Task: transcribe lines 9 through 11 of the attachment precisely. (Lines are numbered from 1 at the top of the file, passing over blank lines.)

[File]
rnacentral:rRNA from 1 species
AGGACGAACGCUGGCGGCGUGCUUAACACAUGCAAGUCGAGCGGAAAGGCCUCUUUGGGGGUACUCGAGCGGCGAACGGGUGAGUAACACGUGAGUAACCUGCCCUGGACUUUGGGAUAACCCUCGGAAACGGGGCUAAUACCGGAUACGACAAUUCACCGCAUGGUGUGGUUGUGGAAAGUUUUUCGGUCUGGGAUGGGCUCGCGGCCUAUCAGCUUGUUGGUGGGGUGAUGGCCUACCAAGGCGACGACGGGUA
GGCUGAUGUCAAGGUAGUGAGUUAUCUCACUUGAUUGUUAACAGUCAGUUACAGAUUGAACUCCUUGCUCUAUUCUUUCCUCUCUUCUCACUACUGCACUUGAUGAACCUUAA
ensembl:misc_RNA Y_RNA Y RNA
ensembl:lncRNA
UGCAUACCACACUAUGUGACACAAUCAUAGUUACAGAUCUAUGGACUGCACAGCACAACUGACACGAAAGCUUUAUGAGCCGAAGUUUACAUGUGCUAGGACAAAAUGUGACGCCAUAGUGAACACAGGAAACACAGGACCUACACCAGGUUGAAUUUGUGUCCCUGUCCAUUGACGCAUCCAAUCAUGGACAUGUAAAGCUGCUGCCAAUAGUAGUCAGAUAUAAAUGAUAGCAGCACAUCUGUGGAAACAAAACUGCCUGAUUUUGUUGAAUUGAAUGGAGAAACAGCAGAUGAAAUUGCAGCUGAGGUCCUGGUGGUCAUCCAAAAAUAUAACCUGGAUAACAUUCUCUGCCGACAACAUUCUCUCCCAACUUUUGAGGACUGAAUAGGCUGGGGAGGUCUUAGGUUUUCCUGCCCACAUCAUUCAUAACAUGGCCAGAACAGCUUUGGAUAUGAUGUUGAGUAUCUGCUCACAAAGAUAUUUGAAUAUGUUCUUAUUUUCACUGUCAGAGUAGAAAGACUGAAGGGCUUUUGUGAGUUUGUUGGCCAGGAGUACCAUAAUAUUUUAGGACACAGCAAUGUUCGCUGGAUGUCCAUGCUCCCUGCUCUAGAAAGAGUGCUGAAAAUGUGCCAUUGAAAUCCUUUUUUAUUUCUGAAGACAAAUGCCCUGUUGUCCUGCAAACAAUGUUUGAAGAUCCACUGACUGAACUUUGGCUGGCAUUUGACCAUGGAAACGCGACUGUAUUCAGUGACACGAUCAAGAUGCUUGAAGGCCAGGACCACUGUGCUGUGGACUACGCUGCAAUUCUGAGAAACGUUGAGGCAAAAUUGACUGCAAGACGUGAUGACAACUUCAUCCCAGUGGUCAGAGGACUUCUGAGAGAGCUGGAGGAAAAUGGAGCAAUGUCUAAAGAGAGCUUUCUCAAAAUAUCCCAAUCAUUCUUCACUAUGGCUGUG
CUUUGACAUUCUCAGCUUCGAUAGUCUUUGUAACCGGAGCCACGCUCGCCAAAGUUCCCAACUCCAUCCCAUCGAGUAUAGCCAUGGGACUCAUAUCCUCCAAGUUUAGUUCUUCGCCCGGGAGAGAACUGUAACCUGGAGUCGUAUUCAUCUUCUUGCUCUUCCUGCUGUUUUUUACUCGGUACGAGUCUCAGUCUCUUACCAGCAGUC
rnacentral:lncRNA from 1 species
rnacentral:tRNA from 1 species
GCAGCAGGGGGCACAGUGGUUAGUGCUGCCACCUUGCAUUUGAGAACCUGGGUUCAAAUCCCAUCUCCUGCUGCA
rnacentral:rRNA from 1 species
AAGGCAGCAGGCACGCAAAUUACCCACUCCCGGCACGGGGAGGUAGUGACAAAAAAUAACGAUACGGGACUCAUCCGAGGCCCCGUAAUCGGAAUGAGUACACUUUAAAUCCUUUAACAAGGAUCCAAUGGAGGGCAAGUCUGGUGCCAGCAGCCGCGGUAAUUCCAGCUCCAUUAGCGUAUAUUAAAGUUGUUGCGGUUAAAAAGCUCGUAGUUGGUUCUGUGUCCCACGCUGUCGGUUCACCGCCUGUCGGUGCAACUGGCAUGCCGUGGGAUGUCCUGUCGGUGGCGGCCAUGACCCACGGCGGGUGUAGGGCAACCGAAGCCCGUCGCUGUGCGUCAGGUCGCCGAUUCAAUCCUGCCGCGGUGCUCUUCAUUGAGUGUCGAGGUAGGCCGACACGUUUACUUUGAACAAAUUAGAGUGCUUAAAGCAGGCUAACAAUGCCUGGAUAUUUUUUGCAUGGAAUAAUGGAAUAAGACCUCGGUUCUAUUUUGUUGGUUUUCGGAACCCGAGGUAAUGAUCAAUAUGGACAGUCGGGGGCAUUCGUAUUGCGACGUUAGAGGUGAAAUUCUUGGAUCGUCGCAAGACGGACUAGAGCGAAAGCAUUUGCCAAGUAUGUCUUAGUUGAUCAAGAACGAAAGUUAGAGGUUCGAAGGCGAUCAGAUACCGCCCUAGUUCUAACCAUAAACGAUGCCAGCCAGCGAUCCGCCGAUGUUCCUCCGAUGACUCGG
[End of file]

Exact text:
rnacentral:tRNA from 1 species
GCAGCAGGGGGCACAGUGGUUAGUGCUGCCACCUUGCAUUUGAGAACCUGGGUUCAAAUCCCAUCUCCUGCUGCA
rnacentral:rRNA from 1 species